“Canada’s mission to assimilate children during the 60s scoop directly impacted my family aggressively,” said Morin. “When my Grandmother was in her adult years, the Government scooped her kids, my older Aunts, and Uncles and placed them into Residential School and after they went into children services.”

“My Grandma advocated to see her kids again, and eventually she got them back, and thankfully my Mom and her two younger siblings did not attend Residential School,” said Morin.

“We are still working as a family to relearn our Michif language and find the rest of our family who were taken through colonization. One Auntie I didn’t discover until I was in Grade five.”

“I firmly believe that apologizing means you have to change what you are doing.” – Joshua Morin

“Will churches consult with Indigenous Nations that uphold the standards of UNDRIP to begin genuine healing?”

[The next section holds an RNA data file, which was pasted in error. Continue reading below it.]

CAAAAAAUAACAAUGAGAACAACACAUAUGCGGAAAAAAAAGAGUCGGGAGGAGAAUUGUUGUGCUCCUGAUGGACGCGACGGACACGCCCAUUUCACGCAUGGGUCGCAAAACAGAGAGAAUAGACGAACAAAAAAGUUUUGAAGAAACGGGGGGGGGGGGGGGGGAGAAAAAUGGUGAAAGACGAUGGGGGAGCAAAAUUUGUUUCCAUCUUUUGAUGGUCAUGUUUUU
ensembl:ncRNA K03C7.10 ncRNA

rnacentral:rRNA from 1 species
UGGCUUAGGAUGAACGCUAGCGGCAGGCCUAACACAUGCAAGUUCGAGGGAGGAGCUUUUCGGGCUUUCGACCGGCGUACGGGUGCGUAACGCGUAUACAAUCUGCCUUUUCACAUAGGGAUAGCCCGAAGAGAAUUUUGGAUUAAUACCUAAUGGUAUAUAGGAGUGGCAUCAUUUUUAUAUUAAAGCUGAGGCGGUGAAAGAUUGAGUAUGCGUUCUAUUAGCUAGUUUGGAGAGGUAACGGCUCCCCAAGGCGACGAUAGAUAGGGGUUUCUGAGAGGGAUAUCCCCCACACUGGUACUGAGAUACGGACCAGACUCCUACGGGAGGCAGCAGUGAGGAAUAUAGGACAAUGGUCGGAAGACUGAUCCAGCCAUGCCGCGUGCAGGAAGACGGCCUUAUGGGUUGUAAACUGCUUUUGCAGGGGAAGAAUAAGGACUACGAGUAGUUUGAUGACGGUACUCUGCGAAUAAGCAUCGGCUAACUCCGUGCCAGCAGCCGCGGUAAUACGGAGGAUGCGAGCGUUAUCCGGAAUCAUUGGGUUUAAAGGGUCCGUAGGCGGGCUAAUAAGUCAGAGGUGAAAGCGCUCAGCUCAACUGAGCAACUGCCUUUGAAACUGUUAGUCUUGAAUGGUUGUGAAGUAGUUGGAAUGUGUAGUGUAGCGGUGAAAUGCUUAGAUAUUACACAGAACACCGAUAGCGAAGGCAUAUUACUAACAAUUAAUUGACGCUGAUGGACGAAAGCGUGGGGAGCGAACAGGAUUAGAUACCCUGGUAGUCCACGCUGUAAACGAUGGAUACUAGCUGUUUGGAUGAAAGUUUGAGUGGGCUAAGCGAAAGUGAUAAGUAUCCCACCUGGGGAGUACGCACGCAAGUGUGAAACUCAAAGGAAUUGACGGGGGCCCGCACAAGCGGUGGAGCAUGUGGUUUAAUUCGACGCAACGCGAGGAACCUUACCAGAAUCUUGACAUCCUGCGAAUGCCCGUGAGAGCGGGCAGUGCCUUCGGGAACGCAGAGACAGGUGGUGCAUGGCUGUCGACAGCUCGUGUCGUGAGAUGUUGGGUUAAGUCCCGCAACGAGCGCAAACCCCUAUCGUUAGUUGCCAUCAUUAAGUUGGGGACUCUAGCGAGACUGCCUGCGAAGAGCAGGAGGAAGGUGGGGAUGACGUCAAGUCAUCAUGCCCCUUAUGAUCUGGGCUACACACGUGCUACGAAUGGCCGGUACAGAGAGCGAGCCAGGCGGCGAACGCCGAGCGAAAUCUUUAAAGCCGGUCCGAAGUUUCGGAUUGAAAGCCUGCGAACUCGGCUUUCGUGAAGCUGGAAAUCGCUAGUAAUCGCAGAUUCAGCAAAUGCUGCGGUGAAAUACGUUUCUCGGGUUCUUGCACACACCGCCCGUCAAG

Morin said questions need to be answered about whether the churches across Canada will return artifacts obtained legally from former Residential School survivors.

He explained, “Researcher Gloria Bell questions if the artifacts were not gifted but rather taken from kids in Residential Schools. A way to move forward following the apology would be to create a plan so we can return these relatives home to our communities.”

He said he believes that recognition involves giving land back.

“The Catholic church owns a ton of land within Canada,” said Morin.

“Many Indigenous communities across Canada are starting to look for unmarked graves located near former Residential School sites. One of the hurdles they run into is private land owned by the church, which they have trouble accessing for ground scanning.”

“Catholic Churches within Canada should allow us to scan their properties openly where residential school sites were located and they should open full access to their records, collection, and archives so we can cross reference data.” – Joshua Morin